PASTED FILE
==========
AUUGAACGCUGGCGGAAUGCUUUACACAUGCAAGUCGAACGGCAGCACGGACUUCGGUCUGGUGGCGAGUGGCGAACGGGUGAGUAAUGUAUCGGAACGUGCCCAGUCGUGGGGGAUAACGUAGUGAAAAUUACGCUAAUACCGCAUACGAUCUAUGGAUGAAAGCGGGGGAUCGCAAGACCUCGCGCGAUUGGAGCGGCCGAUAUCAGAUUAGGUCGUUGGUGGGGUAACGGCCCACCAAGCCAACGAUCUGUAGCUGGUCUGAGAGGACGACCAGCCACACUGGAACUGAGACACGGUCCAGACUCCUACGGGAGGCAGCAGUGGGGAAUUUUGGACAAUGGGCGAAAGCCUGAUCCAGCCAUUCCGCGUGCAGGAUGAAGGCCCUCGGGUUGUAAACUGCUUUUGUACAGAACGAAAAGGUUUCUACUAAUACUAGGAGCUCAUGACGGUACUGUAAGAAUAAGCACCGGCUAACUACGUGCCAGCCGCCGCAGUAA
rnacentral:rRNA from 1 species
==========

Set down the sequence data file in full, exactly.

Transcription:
AUUGAACGCUGGCGGAAUGCUUUACACAUGCAAGUCGAACGGCAGCACGGACUUCGGUCUGGUGGCGAGUGGCGAACGGGUGAGUAAUGUAUCGGAACGUGCCCAGUCGUGGGGGAUAACGUAGUGAAAAUUACGCUAAUACCGCAUACGAUCUAUGGAUGAAAGCGGGGGAUCGCAAGACCUCGCGCGAUUGGAGCGGCCGAUAUCAGAUUAGGUCGUUGGUGGGGUAACGGCCCACCAAGCCAACGAUCUGUAGCUGGUCUGAGAGGACGACCAGCCACACUGGAACUGAGACACGGUCCAGACUCCUACGGGAGGCAGCAGUGGGGAAUUUUGGACAAUGGGCGAAAGCCUGAUCCAGCCAUUCCGCGUGCAGGAUGAAGGCCCUCGGGUUGUAAACUGCUUUUGUACAGAACGAAAAGGUUUCUACUAAUACUAGGAGCUCAUGACGGUACUGUAAGAAUAAGCACCGGCUAACUACGUGCCAGCCGCCGCAGUAA
rnacentral:rRNA from 1 species